Independent laboratories are very important for quality control and verification of data or claim by embedded labs within the industry. A recent study done in the United States showed that an independent lab found incorrect reporting about their products by leading restaurant chains. Problem with government laboratories is that they might not have access to latest technology in the increasingly liberalised world.

What would be the one thing you would like to get checked in India which requires an independent lab?

I think the major thing that needs to be checked is labelling on packaged foods and break-up of contents printed on the pack. We need to find out what are they putting and what is being hidden.

C Jaya KumarInterviewee: C Jayakumar, director,
Thanal Conservation Action and Information Network

How important is it to have independent labs in India?

An independent lab should be able to respond to community needs. It should have the strength to stand by and defend conclusions of its study. To serve the purpose of community, the lab should not take funding from people having conflicting interests.

A lot of chemicals have entered our lives. Nearly 140,000 chemicals are being traded today. Only five per cent have health or environment clearance (the percentage is far lower for products having both health and environment impacts).

What would be the one thing you would like to get checked in India which requires an independent lab?

The liquid soap that we use has a chemical which is carcinogenic, but it is being sold widely unchecked.

Tapan ChakrabartyInterviewee: Tapan Chakrabarty,
Emeritus scientist,
CSIR and former director of NEERI

Do you think independent laboratories have relevance in India?

They are important. Farmers are able to get soil tested at cheap rates and get immediate results. But there is wide variation in the quality of results produced. We have to see that the labs are accredited and have NABL certification.

What would be the one thing that you would like to get checked in India which requires an independent lab?

There are many region-specific chemicals that need checking. But mercury and arsenic have wider presence and should be checked by independent labs.

Rajashekar Reddy SeelamInterviewee: Rajashekar Reddy Seelam,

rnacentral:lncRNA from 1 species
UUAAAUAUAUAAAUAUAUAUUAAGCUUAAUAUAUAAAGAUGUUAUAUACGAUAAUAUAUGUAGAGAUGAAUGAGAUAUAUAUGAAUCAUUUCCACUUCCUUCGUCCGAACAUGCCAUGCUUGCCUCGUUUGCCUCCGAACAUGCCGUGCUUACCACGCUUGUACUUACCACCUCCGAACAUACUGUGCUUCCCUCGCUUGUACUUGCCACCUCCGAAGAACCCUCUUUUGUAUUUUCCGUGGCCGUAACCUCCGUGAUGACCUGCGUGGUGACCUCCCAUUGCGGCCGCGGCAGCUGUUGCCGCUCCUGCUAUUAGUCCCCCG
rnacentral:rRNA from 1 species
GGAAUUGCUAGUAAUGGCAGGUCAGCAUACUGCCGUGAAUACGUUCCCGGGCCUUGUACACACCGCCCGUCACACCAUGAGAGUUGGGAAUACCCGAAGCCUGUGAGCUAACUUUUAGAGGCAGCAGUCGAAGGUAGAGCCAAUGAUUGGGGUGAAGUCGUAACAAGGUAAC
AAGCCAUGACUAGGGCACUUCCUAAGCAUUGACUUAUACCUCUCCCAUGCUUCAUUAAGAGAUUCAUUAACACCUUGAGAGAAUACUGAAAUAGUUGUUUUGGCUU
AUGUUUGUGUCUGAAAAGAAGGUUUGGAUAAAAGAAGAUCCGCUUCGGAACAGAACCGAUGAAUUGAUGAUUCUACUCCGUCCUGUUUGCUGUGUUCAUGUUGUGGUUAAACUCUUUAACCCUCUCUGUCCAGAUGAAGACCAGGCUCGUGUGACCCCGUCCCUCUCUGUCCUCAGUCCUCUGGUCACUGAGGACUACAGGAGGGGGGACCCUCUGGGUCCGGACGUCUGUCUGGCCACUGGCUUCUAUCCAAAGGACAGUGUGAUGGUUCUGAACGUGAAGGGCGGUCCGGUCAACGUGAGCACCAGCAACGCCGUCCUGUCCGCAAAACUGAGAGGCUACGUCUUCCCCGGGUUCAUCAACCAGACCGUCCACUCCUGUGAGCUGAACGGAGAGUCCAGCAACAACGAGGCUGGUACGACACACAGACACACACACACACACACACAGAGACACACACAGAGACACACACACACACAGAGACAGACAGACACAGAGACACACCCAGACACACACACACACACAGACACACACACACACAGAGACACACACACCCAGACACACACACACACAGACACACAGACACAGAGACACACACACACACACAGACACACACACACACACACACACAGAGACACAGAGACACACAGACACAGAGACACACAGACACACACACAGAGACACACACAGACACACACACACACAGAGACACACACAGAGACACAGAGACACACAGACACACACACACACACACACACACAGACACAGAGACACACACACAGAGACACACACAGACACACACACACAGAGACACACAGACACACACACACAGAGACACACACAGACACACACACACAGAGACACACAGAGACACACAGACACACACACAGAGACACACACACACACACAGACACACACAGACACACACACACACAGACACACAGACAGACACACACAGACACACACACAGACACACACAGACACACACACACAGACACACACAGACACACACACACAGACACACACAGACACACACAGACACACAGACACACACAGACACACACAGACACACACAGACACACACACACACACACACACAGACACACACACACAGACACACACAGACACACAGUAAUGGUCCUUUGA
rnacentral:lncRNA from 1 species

Managing director,
Sresta Natural Bioproducts Pvt Ltd

Do you think independent laboratories have relevance in India?

Private laboratories are important, but only those which have NABL accreditation, for credible results.

What would be the one thing that you would like to get checked in India which requires an independent lab?

I think pesticide residues in food need to be investigated.

Tanu JindalInterviewee: Tanu Jindal, director,
Amity Institute of Environmental Toxicology,
Safety and Management

Do you think independent laboratories have relevance in India?

They are important for a variety of reasons. There is lack of expertise in government laboratories and instruments are not up-to-date. Government labs have specific mandates and it is time consuming to get a proposal passed. They also do not share the data collected.

What would be the one thing that you would like to get checked in India which requires an independent lab?

Residues of pharma in human body should be checked. There has been an upsurge in consumption of medicines, including antibiotics and the residues are entering the system and the environment. We need to analyse them now.

AddThis

If the knowledge were widely available and open sourced, all this hoopla of cost and special expertise would not be there. When million dollar computers in the 1960s available with a few players have become mass market items in present times, surely chemistry which started in antiquity can be learned to develop fairly cheap and convenient diagnostic devices with very high accuracy. Maybe CSIR and others have hidden patents on technologies waiting to be re-discovered --meanwhile Israel and Switzerland should be able to help us.

22 February 2013
Posted by
Anonymous

The moment a breakthrough occurs by a researcher or research team, it is natural to go to the media to highlight it. The vested interests promptly swoop down on the researcher/research group, offer very high financial rewards and society offers other ego trips and hijack the research/breakthrough, putting it out of reach of the common man. The research team must not go the media and must not patent the process. Greed is the root of all evil. They must let the knowledge percolate to others with the passage of time--only then is salvation of the human race possible. All knowledge comes from source and cannot be hidden--the more it is hidden, the more suffering will result and nobody will benefit in the end. Not even the status quoists can acquire all knowledge or bottle it up--when even they need it, it won't be accessible to them unless they make it universal.

22 February 2013
Posted by
Anonymous